Children with ADHD (attention deficit hyperactivity disorder) have a higher chance of having WLD (written language disorder). Although the risk is greater for both sexes with ADHD, girls with ADHD have a higher chance of having WLD together with reading difficulties than boys with ADHD, researchers from Mayo Clinic in Rochester, Minn., and Children's Hospital Boston reported in the journal Pediatrics.
Kouichi Yoshimasu, M.D. and team set out to determine what percentage of children - 5,718 of them, 2,762 girls and 2,956 boys - had WLD. Some of the children had ADHD, while others did not. They were all born in Rochester between 1976 and 1982 and were still there when they were five years old. They gathered information from school, private tutorial and medical records. They calculated cumulative incidences of WLD, hazard ratios (HRs) and with or without RD.
Author Dr. Slavica Katusic explained that problems with reading and math will usually catch a teacher's attention, whereas writing difficulties are often overlooked.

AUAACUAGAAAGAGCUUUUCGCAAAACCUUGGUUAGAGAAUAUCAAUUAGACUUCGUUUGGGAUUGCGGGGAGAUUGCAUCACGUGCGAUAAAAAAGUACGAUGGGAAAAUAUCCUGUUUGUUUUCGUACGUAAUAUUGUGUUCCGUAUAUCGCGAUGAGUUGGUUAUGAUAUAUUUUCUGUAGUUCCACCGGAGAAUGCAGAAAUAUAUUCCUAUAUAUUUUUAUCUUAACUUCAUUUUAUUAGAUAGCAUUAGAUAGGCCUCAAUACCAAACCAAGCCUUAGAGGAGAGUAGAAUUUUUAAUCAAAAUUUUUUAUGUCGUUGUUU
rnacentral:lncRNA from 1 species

The USA has one of the highest rates of ADHD in children in the world. The CDC (Centers for Disease Control and Prevention) estimates that up to 10% of 4 to 17 year old American kids have ADHD.
The investigators found that for boys and girls with ADHD, there was a considerably higher cumulative WLD rate by the time they were 19 years old, compared to children without ADHD. 64.5% of boys with ADHD and 16.5% of boys without ADHD had WLD by 19 years of age, compared to 57% and 9.4% among the girls.
Girls with ADHD were found to have a higher risk of having WLD combined with reading difficulties than boys with ADHD. The chances of having just WLD for both girls and boys with ADHD was similar.
The authors concluded:
"ADHD is strongly associated with an increased risk of WLD (with or without RD) for both boys and girls. Girls with ADHD are at higher risk of having WLD with RD compared with boys with ADHD, whereas boys and girls are at the same risk of having WLD without RD."
Written by Christian Nordqvist